Cute little Luna is a 13-week-old Border Collie mix who got sick after eating tree bark. Our partners at Ethos Veterinary Health were treating Luna when her dad (who works 2 jobs to help make ends meet) ran out of funds during her hospitalization.
A FACE grant enabled Luna to remain in the hospital for one more day of the oxygen therapy and supportive care she needed to survive.
We’re happy to report that Luna is now doing well and on her way to a full recovery.
Did you know that some tree bark is harmful to dogs? Here’s a list of plants that are toxic to dogs, from the ASPCA’s Animal Poison Control website.
Why do some dogs love to eat tree bark? Here’s a short video that helps explain this common canine behavior:
Many pets require daily medication—often in the form of pills—for chronic health problems. While it’s easy for most pet owners to sneak a pill into a dog’s food and treats, pilling a cat can be more of a challenge.
There are some interesting alternatives to pills if you need to medicate your cat on a daily basis. Of course, you should always talk to your veterinarian about the pros and cons of pill alternatives before deciding.
Many compounding pharmacies make veterinary medications for pets in a variety of forms. The two most common are in the form of flavored treats and transdermal medicine that gets absorbed through the skin.
Treat meds are usually soft and chewy and come in a variety of flavors such as fish, chicken, beef, and even butter. Most pharmacies will recommend that you store them in their original sealed packaging in the refrigerator to keep them fresh.
Transdermal meds are compounded into a gel form that you can rub into the inner part of a cat’s ear where there is little hair. Vets call this area the pinna.
Be careful to use rubber gloves or finger cots if you apply the medication by hand. You can also get it in the form of a pen that twists to dispense the drug onto a sponge tip that you apply to the ear. Most vets will recommend that you alternate ears if you medicate your cat every day.
Here’s a YouTube video that shows how to apply transdermal medication to a cat’s ear:
Veterinarians recommend that we provide our pets with plenty of water to drink. For most of us, that means leaving a water bowl out in the kitchen so that our dogs and cats can drink freely throughout the day.
But studies have shown that pet water bowls can be among the most germy items in a home (4th runner up after kitchen sponges, kitchen sinks, and toothbrush holders).
Researchers found that the plastic bowls maintained the highest bacterial count overall. However, when it came to two dangerous bacteria—MRSA and Salmonella—the researchers discovered that they were mostly found on the ceramic bowls.
While pet health experts often recommend avoiding plastic food and water bowls, this dog water bowl study suggests that ceramic bowls might be a greater risk than originally thought. The researchers speculate that harmful bacteria might be better able to form biofilms on ceramic material.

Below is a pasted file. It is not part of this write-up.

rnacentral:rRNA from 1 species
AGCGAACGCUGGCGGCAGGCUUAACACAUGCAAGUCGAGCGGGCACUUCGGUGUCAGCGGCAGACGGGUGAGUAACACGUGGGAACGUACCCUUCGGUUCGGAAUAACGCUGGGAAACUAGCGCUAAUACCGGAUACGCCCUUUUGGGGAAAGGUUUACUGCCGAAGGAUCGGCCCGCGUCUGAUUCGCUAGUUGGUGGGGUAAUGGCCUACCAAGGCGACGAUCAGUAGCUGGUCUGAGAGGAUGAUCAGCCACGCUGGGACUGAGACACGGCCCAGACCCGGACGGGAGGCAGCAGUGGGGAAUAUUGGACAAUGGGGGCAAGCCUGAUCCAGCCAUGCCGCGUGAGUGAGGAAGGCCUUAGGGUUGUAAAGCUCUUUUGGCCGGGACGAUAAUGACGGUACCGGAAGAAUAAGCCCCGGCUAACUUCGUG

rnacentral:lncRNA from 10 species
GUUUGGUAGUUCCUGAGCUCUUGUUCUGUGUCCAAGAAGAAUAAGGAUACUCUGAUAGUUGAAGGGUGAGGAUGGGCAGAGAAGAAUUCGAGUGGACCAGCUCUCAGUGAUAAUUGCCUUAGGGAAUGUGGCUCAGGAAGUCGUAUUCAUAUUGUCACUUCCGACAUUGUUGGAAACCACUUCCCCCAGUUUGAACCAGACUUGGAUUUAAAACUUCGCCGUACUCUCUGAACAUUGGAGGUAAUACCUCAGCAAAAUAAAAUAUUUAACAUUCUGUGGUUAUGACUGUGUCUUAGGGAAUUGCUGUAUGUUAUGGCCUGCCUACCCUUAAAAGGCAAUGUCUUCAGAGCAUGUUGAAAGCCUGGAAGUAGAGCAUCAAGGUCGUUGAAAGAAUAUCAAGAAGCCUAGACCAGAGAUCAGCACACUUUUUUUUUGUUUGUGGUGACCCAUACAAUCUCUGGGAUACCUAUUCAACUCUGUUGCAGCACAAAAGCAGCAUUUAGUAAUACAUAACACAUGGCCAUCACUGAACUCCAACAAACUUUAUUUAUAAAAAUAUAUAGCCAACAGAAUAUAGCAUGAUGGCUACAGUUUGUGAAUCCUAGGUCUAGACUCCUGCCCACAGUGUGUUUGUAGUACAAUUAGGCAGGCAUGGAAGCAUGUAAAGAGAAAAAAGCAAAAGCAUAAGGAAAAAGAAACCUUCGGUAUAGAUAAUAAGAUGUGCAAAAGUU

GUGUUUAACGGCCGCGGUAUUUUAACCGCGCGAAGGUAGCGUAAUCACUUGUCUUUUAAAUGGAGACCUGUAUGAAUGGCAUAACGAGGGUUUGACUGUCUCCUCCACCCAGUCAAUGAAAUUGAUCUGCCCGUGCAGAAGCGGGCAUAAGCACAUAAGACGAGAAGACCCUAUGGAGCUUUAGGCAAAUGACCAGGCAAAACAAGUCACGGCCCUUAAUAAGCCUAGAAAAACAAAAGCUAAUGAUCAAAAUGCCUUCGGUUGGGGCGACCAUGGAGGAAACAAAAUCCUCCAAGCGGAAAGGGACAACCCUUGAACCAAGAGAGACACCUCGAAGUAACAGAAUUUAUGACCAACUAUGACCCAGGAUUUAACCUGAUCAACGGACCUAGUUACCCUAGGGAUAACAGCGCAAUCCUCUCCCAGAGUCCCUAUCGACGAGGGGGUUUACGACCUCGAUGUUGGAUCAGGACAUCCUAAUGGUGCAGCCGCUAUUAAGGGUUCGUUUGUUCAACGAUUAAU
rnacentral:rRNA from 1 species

Concerned pet owners may want to consider replacing bowls made from both plastic and ceramic with those made from stainless steel.
Of course, no matter what material your pet bowls are made of, it’s always important to keep them as clean as possible. You should wash bowls by hand with antibacterial soap or run them through the dishwasher (heat cycle on) every day.
Clean food and water bowls are an important component of pet (and human) health!
The UK’s Department for Environment, Food & Rural Affairs announced new legislation banning the use of electronic training collars for dogs and cats.
These devices, commonly called shock collars or e-collars, send an electronic pulse to your pet, with the idea of correcting unwanted behaviors. Animal welfare experts note that the devices cause unnecessary harm and suffering and may even worsen a pet’s aggression or anxiety problems.
The Department reports that the ban on e-collars will not extend to invisible fencing systems, because they believe these are useful in keeping dogs and cats away from roads and traffic.
Secretary of State Michael Grove says of the ban, “We are a nation of animal lovers and the use of punitive shock collars cause harm and suffering to our pets. This ban will improve the welfare of animals and I urge pet owners to instead use positive reward training methods.”
The Department notes that members of the public are evenly divided over the use of invisible fencing, with 50% still in favor of the fences. They also report that many citizens have expressed concern over people’s lack of knowledge and training when it comes to the proper use of electronic devices.
Cheryl Passer has been a dedicated FACE volunteer for over 11 years! Her work with FACE dates back to our earliest days as a brand-new animal charity when, as a professional graphic designer, she helped us with our logo, branding, website, and print materials.
Since then, Cheryl has helped FACE with many other design projects, either gratis or for a discounted rate. Cheryl has also volunteered her time as well as her artistic talents, working on our two biggest annual fundraising events: Bags & Baubles and our Invitational Golf Tournament.
A feline friend poses beside Cheryl’s work
Cheryl values her work with FACE. “I hope that providing free or affordable design services, as well as my time volunteering at events, has helped FACE retain more money to help family pets get the medical attention that they need,” she says.
We would like to extend our sincerest thanks to this long-time member of the FACE family! Thank you, Cheryl, for helping us save the lives of over 2,000 San Diego area pets.